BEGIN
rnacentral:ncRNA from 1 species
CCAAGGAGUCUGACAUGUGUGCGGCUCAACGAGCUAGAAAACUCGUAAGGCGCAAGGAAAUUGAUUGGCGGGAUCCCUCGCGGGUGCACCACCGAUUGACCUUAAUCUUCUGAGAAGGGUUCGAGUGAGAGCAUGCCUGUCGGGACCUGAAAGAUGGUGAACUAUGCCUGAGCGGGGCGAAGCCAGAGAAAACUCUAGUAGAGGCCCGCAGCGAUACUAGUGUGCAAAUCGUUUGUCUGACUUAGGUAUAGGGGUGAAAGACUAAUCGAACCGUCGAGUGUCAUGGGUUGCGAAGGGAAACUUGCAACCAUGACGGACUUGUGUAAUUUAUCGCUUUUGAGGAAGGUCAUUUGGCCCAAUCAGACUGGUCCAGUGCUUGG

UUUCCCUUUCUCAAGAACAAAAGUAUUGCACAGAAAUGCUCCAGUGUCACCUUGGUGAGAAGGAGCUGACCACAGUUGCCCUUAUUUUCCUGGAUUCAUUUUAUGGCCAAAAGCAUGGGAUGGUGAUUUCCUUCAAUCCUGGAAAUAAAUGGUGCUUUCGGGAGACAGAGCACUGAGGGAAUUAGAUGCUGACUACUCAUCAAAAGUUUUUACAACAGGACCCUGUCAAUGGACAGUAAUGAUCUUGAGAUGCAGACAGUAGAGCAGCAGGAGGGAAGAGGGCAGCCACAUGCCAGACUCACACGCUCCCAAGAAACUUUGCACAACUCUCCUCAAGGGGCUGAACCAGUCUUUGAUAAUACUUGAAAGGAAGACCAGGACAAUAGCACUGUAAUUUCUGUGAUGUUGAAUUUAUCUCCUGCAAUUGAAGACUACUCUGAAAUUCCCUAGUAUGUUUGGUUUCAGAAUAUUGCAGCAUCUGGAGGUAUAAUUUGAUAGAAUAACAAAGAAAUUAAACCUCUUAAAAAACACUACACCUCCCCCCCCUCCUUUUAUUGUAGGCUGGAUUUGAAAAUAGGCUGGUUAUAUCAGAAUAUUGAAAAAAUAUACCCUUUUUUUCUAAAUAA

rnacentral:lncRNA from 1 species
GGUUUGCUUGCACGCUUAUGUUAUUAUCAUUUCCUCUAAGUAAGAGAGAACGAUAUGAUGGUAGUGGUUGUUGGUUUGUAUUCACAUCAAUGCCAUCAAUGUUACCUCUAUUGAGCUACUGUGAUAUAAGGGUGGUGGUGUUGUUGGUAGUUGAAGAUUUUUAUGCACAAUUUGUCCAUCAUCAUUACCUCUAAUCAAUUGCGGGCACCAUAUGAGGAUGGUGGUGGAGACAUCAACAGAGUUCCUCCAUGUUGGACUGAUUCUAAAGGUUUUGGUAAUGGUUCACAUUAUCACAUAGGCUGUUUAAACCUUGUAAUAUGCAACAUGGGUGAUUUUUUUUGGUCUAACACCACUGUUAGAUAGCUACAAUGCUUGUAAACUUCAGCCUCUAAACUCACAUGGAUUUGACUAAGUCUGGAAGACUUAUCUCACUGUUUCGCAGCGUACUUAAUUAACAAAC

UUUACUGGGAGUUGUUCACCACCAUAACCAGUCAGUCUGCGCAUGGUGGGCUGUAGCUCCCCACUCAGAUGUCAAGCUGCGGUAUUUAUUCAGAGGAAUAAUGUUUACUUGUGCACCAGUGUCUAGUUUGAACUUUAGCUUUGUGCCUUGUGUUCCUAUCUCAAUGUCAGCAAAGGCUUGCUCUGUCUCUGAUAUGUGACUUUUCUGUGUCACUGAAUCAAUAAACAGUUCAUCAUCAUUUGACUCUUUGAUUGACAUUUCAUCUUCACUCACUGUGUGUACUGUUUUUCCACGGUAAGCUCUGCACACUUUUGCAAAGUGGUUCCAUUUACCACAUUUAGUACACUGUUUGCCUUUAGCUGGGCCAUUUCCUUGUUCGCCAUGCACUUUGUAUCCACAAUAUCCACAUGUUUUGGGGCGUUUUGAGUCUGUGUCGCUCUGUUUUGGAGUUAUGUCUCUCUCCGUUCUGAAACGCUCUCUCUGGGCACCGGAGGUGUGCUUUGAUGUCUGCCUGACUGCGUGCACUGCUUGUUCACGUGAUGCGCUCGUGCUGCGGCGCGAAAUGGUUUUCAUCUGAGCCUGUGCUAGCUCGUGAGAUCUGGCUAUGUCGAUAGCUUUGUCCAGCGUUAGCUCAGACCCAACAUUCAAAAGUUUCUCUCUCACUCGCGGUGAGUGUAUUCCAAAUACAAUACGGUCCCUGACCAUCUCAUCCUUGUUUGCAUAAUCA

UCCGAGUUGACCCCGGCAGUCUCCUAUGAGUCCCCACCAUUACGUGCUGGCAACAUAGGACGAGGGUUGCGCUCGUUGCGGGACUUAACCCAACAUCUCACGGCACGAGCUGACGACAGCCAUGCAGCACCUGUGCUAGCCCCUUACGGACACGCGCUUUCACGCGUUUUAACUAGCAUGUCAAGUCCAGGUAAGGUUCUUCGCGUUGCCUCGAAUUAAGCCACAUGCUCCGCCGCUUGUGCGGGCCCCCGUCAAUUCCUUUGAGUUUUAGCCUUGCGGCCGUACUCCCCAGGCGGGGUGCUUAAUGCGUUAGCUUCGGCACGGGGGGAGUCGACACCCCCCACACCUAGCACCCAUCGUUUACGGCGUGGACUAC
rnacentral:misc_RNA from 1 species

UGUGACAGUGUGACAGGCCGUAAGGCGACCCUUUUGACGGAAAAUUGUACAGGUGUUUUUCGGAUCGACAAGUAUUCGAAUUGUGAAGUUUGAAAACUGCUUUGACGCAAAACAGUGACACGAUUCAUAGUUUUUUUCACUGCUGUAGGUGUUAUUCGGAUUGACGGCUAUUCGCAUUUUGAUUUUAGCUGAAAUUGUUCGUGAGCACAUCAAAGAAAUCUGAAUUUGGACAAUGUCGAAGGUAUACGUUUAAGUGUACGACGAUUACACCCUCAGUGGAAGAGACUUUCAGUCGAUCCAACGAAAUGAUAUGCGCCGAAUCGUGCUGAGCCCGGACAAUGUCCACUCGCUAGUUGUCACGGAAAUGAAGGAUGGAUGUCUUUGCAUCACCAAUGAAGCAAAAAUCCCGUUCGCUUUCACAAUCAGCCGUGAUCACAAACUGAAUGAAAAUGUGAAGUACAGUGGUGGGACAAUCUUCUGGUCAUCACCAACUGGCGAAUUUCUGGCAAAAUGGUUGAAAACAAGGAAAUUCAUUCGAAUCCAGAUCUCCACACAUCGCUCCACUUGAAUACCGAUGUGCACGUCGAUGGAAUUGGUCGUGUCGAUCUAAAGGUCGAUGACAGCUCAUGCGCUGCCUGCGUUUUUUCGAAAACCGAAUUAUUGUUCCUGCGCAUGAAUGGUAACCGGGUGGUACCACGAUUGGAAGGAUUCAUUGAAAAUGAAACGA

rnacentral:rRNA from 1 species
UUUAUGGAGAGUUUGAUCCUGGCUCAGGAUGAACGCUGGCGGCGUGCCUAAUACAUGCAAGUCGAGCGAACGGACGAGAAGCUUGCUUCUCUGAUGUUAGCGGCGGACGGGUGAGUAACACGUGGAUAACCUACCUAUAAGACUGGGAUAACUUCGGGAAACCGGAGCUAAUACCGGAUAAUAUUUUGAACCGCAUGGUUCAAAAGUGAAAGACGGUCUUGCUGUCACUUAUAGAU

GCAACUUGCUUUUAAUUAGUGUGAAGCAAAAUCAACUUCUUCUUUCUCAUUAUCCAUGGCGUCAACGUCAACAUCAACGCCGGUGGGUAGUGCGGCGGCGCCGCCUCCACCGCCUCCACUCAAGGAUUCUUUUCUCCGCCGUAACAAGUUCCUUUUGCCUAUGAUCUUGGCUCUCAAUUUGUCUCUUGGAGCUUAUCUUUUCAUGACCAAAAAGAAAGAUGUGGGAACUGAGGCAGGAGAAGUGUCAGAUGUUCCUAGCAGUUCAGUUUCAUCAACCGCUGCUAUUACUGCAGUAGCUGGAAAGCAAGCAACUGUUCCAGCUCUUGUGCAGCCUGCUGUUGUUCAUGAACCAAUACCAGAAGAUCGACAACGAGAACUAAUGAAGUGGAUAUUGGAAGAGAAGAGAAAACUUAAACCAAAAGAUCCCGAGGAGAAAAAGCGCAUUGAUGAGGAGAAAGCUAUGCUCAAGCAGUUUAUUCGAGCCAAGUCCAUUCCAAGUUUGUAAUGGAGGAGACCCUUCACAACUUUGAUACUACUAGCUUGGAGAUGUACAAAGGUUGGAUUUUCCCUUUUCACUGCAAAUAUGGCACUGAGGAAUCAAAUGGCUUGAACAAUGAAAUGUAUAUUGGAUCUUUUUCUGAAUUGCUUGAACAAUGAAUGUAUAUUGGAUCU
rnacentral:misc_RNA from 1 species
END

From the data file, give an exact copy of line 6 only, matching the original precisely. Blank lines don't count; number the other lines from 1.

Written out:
UUUACUGGGAGUUGUUCACCACCAUAACCAGUCAGUCUGCGCAUGGUGGGCUGUAGCUCCCCACUCAGAUGUCAAGCUGCGGUAUUUAUUCAGAGGAAUAAUGUUUACUUGUGCACCAGUGUCUAGUUUGAACUUUAGCUUUGUGCCUUGUGUUCCUAUCUCAAUGUCAGCAAAGGCUUGCUCUGUCUCUGAUAUGUGACUUUUCUGUGUCACUGAAUCAAUAAACAGUUCAUCAUCAUUUGACUCUUUGAUUGACAUUUCAUCUUCACUCACUGUGUGUACUGUUUUUCCACGGUAAGCUCUGCACACUUUUGCAAAGUGGUUCCAUUUACCACAUUUAGUACACUGUUUGCCUUUAGCUGGGCCAUUUCCUUGUUCGCCAUGCACUUUGUAUCCACAAUAUCCACAUGUUUUGGGGCGUUUUGAGUCUGUGUCGCUCUGUUUUGGAGUUAUGUCUCUCUCCGUUCUGAAACGCUCUCUCUGGGCACCGGAGGUGUGCUUUGAUGUCUGCCUGACUGCGUGCACUGCUUGUUCACGUGAUGCGCUCGUGCUGCGGCGCGAAAUGGUUUUCAUCUGAGCCUGUGCUAGCUCGUGAGAUCUGGCUAUGUCGAUAGCUUUGUCCAGCGUUAGCUCAGACCCAACAUUCAAAAGUUUCUCUCUCACUCGCGGUGAGUGUAUUCCAAAUACAAUACGGUCCCUGACCAUCUCAUCCUUGUUUGCAUAAUCA